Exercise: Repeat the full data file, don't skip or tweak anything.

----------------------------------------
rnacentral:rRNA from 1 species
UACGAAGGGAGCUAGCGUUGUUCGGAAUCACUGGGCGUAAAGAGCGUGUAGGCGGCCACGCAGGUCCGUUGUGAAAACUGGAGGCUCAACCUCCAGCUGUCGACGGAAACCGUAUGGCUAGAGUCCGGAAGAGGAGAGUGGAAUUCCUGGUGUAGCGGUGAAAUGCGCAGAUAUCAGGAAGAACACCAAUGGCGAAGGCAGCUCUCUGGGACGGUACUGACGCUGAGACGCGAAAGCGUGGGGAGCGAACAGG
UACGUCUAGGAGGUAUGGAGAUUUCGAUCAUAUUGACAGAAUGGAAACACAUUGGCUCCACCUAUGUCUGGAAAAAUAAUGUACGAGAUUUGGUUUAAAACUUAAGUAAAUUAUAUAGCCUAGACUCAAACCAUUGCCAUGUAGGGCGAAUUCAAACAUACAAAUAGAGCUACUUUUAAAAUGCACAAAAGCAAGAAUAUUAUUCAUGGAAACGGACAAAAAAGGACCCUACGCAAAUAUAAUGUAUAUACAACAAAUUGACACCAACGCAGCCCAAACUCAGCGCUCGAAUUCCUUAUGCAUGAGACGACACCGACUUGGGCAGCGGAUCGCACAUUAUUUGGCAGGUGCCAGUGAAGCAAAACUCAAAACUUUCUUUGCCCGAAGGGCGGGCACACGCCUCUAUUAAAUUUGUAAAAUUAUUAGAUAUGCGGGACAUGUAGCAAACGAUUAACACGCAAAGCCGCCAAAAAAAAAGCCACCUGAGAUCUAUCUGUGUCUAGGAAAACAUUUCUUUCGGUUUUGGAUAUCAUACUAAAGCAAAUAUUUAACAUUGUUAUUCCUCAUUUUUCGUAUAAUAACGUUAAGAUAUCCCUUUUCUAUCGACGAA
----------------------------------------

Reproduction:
rnacentral:rRNA from 1 species
UACGAAGGGAGCUAGCGUUGUUCGGAAUCACUGGGCGUAAAGAGCGUGUAGGCGGCCACGCAGGUCCGUUGUGAAAACUGGAGGCUCAACCUCCAGCUGUCGACGGAAACCGUAUGGCUAGAGUCCGGAAGAGGAGAGUGGAAUUCCUGGUGUAGCGGUGAAAUGCGCAGAUAUCAGGAAGAACACCAAUGGCGAAGGCAGCUCUCUGGGACGGUACUGACGCUGAGACGCGAAAGCGUGGGGAGCGAACAGG
UACGUCUAGGAGGUAUGGAGAUUUCGAUCAUAUUGACAGAAUGGAAACACAUUGGCUCCACCUAUGUCUGGAAAAAUAAUGUACGAGAUUUGGUUUAAAACUUAAGUAAAUUAUAUAGCCUAGACUCAAACCAUUGCCAUGUAGGGCGAAUUCAAACAUACAAAUAGAGCUACUUUUAAAAUGCACAAAAGCAAGAAUAUUAUUCAUGGAAACGGACAAAAAAGGACCCUACGCAAAUAUAAUGUAUAUACAACAAAUUGACACCAACGCAGCCCAAACUCAGCGCUCGAAUUCCUUAUGCAUGAGACGACACCGACUUGGGCAGCGGAUCGCACAUUAUUUGGCAGGUGCCAGUGAAGCAAAACUCAAAACUUUCUUUGCCCGAAGGGCGGGCACACGCCUCUAUUAAAUUUGUAAAAUUAUUAGAUAUGCGGGACAUGUAGCAAACGAUUAACACGCAAAGCCGCCAAAAAAAAAGCCACCUGAGAUCUAUCUGUGUCUAGGAAAACAUUUCUUUCGGUUUUGGAUAUCAUACUAAAGCAAAUAUUUAACAUUGUUAUUCCUCAUUUUUCGUAUAAUAACGUUAAGAUAUCCCUUUUCUAUCGACGAA